To Mr. Hyer March 24, 1804

To Mr. Hyer March 24, 1804

NEW YORK,

DEAR SIR:

I received your letter by Mr. Nixon, and also a former letter, but I have been so unwell this winter with a fit of gout, though not so bad as I had at Bordentown about twenty years ago, that I could not write, and after I got better I got a fall on the ice in the garden where I lodge that threw me back for above a month. I was obliged to get a person to copy off the letter to the people of England, published in the Aurora, March 7, as I dictated it verbally, for all the time my complaint continued. My health and spirits were as good as ever. It was my intention to have cut a large quantity of wood for the New York market, and in that case you would have had the money directly, but this accident and the gout prevented me from doing anything. I shall now have to take up some money upon it, which I shall do by the first of May to put Mrs. Bonneville into business, and I shall then discharge her bill. In the meantime I wish you to recieve a quarter's rent due on the 1st of April from Mrs. Richardson, at $25 per ann., and to call on Mrs. Read for 40 or 50 dollars, or what you can get, and to give a receipt in my name. Col. Kirkbride should have discharged your bill, it was what he engaged to do. Mrs. Wharton owes for the rent of the house while she lived in it, unless Col. Kirkbride has taken it into his accounts. Samuel Hileyar owes me 84 dollars lent him in hard money. Mr. Nixon spoke to me about hiring my house, but as I did not know if Mrs. Richardson intended to stay in it or quit it I could give no positive answer, but said I would write to you about it. Israel Butler also writes me about taking at the same rent as Richardson pays. I will be obliged to you to let the house as you may judge best. I shall make a visit to Bordentown in the spring, and I shall call at your house first.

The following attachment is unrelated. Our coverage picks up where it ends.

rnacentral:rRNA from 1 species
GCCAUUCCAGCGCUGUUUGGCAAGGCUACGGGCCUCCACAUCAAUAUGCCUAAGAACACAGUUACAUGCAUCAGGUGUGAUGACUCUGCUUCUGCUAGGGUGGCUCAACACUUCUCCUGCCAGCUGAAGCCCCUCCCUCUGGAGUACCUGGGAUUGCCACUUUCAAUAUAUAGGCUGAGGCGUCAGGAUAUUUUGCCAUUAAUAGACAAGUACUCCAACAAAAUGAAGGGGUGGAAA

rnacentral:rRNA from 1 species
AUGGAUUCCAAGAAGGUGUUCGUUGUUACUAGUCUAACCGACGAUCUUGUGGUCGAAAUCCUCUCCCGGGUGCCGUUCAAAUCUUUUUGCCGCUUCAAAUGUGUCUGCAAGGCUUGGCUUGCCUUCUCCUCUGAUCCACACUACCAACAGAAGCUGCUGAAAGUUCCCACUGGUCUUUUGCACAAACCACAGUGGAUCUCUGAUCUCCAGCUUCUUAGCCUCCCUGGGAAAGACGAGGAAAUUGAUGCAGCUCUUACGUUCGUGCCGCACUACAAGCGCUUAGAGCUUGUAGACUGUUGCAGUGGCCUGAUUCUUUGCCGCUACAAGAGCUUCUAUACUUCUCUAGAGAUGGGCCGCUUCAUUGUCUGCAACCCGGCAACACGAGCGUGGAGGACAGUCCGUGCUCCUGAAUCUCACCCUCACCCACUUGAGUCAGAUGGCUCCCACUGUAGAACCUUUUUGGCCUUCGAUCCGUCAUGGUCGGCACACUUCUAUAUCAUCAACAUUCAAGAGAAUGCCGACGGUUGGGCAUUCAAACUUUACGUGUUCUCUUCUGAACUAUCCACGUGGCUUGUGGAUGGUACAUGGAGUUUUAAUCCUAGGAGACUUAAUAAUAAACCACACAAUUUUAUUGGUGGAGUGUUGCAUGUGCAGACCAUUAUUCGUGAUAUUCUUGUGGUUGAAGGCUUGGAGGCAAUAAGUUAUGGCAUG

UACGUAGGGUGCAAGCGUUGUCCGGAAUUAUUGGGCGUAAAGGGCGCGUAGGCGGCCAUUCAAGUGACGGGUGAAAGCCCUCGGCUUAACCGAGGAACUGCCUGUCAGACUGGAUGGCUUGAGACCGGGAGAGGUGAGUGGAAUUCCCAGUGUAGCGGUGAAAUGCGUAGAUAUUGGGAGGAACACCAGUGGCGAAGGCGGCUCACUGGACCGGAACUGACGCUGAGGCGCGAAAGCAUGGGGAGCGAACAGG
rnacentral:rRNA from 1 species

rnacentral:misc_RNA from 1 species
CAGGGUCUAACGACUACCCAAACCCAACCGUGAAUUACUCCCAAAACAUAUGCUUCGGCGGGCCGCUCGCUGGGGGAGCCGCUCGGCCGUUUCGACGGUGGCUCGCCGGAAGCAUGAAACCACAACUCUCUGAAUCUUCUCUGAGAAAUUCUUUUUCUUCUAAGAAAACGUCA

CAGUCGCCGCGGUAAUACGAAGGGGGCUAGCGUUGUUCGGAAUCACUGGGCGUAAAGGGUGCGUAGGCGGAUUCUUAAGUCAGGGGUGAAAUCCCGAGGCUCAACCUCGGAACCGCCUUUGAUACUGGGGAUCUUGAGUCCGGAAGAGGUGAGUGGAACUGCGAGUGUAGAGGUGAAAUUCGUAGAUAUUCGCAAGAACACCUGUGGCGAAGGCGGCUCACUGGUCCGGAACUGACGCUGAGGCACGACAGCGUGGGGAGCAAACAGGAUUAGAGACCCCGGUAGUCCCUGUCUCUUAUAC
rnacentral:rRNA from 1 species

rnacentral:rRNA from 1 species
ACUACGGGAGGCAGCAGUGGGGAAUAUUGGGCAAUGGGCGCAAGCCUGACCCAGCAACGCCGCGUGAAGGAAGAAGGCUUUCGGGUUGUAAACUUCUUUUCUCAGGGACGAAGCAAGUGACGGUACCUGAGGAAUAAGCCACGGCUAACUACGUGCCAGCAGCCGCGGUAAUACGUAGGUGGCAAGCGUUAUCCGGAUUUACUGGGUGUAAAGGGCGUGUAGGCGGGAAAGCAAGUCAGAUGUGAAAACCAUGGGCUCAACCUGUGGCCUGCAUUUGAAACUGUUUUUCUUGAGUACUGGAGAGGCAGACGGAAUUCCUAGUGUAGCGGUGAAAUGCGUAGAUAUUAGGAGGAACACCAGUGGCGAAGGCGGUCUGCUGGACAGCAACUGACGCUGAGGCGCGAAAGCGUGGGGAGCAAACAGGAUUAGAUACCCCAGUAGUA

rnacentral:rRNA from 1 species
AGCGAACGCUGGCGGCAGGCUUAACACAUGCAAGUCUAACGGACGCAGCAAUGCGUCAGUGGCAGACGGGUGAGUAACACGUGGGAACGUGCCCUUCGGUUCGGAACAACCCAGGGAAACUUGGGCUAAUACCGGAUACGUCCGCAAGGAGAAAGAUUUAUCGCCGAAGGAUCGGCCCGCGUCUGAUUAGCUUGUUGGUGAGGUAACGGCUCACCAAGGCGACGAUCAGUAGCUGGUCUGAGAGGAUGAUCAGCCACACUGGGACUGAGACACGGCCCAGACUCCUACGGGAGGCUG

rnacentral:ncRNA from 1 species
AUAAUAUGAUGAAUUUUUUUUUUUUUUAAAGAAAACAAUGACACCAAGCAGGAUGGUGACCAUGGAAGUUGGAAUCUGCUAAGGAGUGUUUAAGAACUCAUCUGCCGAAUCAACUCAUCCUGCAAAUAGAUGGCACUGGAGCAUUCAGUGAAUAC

There have been several arrivals here in short passages from England. P[eter I Porcupine, I see, is become the panegyrist of Bonaparte. You will see it in the Aurora of March 19, and also the message of Bonaparte to the French legislature. It is a good thing.

Mrs. Bonneville sends her compliments She would have wrote, but she cannot yet venture to write in English. I congratulate you on your new appointment.

Yours in friendship.

THOMAS PAINE.